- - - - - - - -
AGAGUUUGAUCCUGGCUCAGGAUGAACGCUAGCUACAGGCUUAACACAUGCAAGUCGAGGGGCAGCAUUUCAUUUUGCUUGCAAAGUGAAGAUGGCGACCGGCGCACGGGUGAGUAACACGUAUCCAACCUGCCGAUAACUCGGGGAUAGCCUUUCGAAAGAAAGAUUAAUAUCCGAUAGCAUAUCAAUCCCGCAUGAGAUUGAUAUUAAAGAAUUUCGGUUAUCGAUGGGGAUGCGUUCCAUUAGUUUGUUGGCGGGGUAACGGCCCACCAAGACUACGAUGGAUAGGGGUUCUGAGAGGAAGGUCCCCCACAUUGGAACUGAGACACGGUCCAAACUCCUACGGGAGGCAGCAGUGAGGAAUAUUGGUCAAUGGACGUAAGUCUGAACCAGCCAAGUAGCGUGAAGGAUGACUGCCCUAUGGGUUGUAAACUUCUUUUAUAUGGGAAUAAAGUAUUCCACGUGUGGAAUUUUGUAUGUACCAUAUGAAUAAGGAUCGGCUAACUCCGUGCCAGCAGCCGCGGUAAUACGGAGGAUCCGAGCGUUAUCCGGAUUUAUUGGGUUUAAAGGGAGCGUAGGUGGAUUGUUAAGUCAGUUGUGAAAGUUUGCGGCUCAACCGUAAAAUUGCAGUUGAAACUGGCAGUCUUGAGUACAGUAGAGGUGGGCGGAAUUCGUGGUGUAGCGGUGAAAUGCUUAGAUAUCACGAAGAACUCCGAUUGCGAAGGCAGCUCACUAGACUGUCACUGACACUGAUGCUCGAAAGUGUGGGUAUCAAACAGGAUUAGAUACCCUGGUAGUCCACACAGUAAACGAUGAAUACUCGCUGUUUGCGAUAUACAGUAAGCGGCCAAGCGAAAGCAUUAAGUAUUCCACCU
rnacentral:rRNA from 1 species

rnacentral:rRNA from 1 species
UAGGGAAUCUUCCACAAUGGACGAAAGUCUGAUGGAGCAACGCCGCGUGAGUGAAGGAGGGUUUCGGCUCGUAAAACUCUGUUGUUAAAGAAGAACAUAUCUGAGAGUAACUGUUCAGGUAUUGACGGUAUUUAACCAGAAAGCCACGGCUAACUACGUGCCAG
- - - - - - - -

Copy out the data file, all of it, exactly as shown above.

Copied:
AGAGUUUGAUCCUGGCUCAGGAUGAACGCUAGCUACAGGCUUAACACAUGCAAGUCGAGGGGCAGCAUUUCAUUUUGCUUGCAAAGUGAAGAUGGCGACCGGCGCACGGGUGAGUAACACGUAUCCAACCUGCCGAUAACUCGGGGAUAGCCUUUCGAAAGAAAGAUUAAUAUCCGAUAGCAUAUCAAUCCCGCAUGAGAUUGAUAUUAAAGAAUUUCGGUUAUCGAUGGGGAUGCGUUCCAUUAGUUUGUUGGCGGGGUAACGGCCCACCAAGACUACGAUGGAUAGGGGUUCUGAGAGGAAGGUCCCCCACAUUGGAACUGAGACACGGUCCAAACUCCUACGGGAGGCAGCAGUGAGGAAUAUUGGUCAAUGGACGUAAGUCUGAACCAGCCAAGUAGCGUGAAGGAUGACUGCCCUAUGGGUUGUAAACUUCUUUUAUAUGGGAAUAAAGUAUUCCACGUGUGGAAUUUUGUAUGUACCAUAUGAAUAAGGAUCGGCUAACUCCGUGCCAGCAGCCGCGGUAAUACGGAGGAUCCGAGCGUUAUCCGGAUUUAUUGGGUUUAAAGGGAGCGUAGGUGGAUUGUUAAGUCAGUUGUGAAAGUUUGCGGCUCAACCGUAAAAUUGCAGUUGAAACUGGCAGUCUUGAGUACAGUAGAGGUGGGCGGAAUUCGUGGUGUAGCGGUGAAAUGCUUAGAUAUCACGAAGAACUCCGAUUGCGAAGGCAGCUCACUAGACUGUCACUGACACUGAUGCUCGAAAGUGUGGGUAUCAAACAGGAUUAGAUACCCUGGUAGUCCACACAGUAAACGAUGAAUACUCGCUGUUUGCGAUAUACAGUAAGCGGCCAAGCGAAAGCAUUAAGUAUUCCACCU
rnacentral:rRNA from 1 species

rnacentral:rRNA from 1 species
UAGGGAAUCUUCCACAAUGGACGAAAGUCUGAUGGAGCAACGCCGCGUGAGUGAAGGAGGGUUUCGGCUCGUAAAACUCUGUUGUUAAAGAAGAACAUAUCUGAGAGUAACUGUUCAGGUAUUGACGGUAUUUAACCAGAAAGCCACGGCUAACUACGUGCCAG